[13] Chinese documents confirm at least two missions to India, initiated in 647 AD, to obtain technology for sugar refining
[14] In South Asia, the Middle East and China, sugar became a staple of cooking and desserts
The triumphant progress of Alexander the Great was halted on the banks of the Indus River by the refusal of his troops to go further east
They saw people in the Indian subcontinent growing sugarcane and making granulated, salt-like sweet powder, locally called Sharkara (Devanagari:शर्करा,Śarkarā), Latin saccharum, Greek ζάκχαρι (zakkhari)
On their return journey, the Macedonian soldiers carried the “honey-bearing reeds” home with them
Sugarcane remained a little-known crop in Europe for over a millennium, sugar a rare commodity, and traders in sugar wealthy
Crusaders brought sugar home with them to Europe after their campaigns in the Holy Land, where they encountered caravans carrying “sweet salt”
Early in the 12th century, Venice acquired some villages near Tyre and set up estates to produce sugar for export to Europe, where it supplemented honey, which had previously been the only available sweetener
[15] Crusade chronicler William of Tyre, writing in the late 12th century, described sugar as “very necessary for the use and health of mankind”
[16] In the 15th century, Venice was the chief sugar refining and distribution centre in Europe
In August 1492, Christopher Columbus stopped at La Gomera in the Canary Islands, for wine and water, intending to stay only four days
He became romantically involved with the governor of the island, Beatriz de Bobadilla y Ossorio, and stayed a month
When he finally sailed, she gave him cuttings of sugarcane, which became the first to reach the New World
The Portuguese took sugar to Brazil
By 1540, there were 800 cane sugar mills in Santa Catarina Island and there were another 2,000 on the north coast of Brazil, Demarara, and Surinam
The first sugar harvest happened in Hispaniola in 1501; and, many sugar mills had been constructed in Cuba and Jamaica by the 1520s
Sugar was a luxury in Europe prior to the 18th century, when it became more widely available
It then became popular and by the 19th century, sugar came to be considered a necessity
This evolution of taste and demand for sugar as an essential food ingredient unleashed major economic and social changes
[19] It drove, in part, colonization of tropical islands and nations where labor-intensive sugarcane plantations and sugar manufacturing could thrive
The demand for cheap labor to perform the hard work involved in its cultivation and processing increased the demand for the slave trade from Africa (in particular West Africa)
After slavery was abolished, there was high demand for indentured laborers from South Asia (in particular India)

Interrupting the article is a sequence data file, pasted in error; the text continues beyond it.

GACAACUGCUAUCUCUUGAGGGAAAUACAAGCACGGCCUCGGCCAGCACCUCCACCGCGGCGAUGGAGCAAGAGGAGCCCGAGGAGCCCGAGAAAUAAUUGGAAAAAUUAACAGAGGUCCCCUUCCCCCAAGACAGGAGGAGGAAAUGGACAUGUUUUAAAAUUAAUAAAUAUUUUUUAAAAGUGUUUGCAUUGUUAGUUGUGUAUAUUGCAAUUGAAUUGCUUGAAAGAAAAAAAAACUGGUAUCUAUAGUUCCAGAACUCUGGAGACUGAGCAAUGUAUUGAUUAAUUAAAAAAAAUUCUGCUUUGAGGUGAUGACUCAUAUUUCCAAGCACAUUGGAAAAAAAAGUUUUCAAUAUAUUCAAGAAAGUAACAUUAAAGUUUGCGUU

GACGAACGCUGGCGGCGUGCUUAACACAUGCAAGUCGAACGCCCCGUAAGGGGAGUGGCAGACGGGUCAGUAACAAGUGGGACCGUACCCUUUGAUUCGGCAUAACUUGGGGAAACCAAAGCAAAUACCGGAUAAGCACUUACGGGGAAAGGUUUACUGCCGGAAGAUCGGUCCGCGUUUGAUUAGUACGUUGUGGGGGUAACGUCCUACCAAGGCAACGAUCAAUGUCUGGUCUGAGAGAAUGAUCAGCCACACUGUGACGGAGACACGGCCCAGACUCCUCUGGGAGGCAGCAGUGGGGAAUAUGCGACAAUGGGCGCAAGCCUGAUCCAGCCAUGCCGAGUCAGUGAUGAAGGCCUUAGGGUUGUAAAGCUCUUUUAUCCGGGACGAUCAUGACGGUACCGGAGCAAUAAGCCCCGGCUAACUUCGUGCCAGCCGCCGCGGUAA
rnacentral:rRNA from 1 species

[20][21][22] Millions of slave and indentured laborers were brought into the Caribbean and the Americas, Indian Ocean colonies, southeast Asia, Pacific Islands, and East Africa and Natal
The modern ethnic mix of many nations that have been settled in the last two centuries has been influenced by the demand for sugar
Sugar also led to some industrialization of former colonies
For example, Lieutenant J
Paterson, of the Bengal establishment, persuaded the British Government that sugar cane could be cultivated in British India with many advantages and at less expense than in the West Indies
As a result, sugar factories were established in Bihar in eastern India
During the Napoleonic Wars, sugar beet production increased in continental Europe because of the difficulty of importing sugar when shipping was subject to blockade
By 1880, the sugar beet was the main source of sugar in Europe
It was cultivated in Lincolnshire and other parts of England, although the United Kingdom continued to import the main part of its sugar from its colonies
Until the late nineteenth century, sugar was purchased in loaves, which had to be cut using implements called Sugar nips
[28] In later years, granulated sugar was more usually sold in bags
Sugar cubes were produced in the nineteenth century
The first inventor of a process to make sugar in cube form was Moravian Jakub Kryštof Rad, director of a sugar company in Dačice
He began sugar cube production after being granted a five-year patent for the invention on January 23, 1843
Henry Tate of Tate & Lyle was another early manufacturer of sugar cubes at his refineries in Liverpool and London
Tate purchased a patent for sugar cube manufacture from German Eugen Langen, who in 1872 had invented a different method of processing of sugar cubes
Monosaccharides in a closed-chain form can form glycosidic bonds with other monosaccharides, creating disaccharides (such as sucrose) and polysaccharides (such as starch)
Enzymes must hydrolyze or otherwise break these glycosidic bonds before such compounds become metabolized
After digestion and absorption the principal monosaccharides present in the blood and internal tissues include glucose, fructose, and galactose
Many pentoses and hexoses can form ring structures
In these closed-chain forms, the aldehyde or ketone group remains non-free, so many of the reactions typical of these groups cannot occur